I’m no longer working in tumour sequencing so I’m by no means an expert. But in a nutshell, the reason is that, as indicated, homozygous SNPs aren’t informative: if your allelic fraction is 100%, meaning you only observe a single nucleotide at a given position, we don’t know whether we’re dealing with a tumour related mutation. In fact, we probably don’t because the sample likely contains healthy as well as tumour cells.
By contrast, tumour-specific variants always have an AF < 100%, in other words they exhibit some degree of heterozygosity.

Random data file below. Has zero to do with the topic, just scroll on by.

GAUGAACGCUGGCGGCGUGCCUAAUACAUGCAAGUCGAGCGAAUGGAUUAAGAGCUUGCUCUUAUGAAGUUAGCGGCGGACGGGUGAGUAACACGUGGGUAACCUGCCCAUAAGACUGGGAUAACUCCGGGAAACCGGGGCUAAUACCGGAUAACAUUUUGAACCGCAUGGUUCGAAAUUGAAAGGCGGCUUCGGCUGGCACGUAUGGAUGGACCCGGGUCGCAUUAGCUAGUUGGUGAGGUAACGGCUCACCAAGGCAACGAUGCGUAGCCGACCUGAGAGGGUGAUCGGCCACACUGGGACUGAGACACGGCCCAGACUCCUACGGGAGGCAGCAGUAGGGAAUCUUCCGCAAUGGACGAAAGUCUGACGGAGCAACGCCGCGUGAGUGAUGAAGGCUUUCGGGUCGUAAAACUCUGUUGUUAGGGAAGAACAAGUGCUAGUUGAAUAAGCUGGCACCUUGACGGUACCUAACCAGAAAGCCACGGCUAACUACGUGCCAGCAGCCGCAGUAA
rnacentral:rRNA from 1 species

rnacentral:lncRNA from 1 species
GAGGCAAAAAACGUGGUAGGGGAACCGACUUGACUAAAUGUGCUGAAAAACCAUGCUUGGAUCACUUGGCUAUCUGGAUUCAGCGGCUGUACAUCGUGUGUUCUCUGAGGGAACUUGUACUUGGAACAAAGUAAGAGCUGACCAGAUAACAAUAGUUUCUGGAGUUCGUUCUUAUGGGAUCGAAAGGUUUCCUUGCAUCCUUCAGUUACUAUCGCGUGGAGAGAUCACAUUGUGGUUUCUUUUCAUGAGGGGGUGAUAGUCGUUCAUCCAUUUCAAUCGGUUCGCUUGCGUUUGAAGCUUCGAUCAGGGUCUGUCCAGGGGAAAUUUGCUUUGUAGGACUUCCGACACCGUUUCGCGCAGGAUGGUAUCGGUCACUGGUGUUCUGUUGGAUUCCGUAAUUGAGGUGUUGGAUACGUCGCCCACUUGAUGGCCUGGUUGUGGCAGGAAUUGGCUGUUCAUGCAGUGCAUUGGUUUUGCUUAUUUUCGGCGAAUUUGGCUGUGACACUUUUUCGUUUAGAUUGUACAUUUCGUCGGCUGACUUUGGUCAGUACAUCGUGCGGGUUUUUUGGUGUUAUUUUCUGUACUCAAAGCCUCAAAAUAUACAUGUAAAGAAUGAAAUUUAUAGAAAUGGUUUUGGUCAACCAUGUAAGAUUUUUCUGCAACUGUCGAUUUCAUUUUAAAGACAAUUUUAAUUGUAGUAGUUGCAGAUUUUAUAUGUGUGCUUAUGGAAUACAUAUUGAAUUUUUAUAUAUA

In fact, in healthy tissues you’d expect to see one of three cases: your variant allele (= sequence base ≠ reference) has a frequency of either 0% or 100% (homozygous), or 50% (heterozygous), ignoring rare somatic mutations. With tumour samples, by contrast, the fraction will vary depending on the penetrance of the variant in the tumour, and on the fraction of healthy to tumour cells in the sample.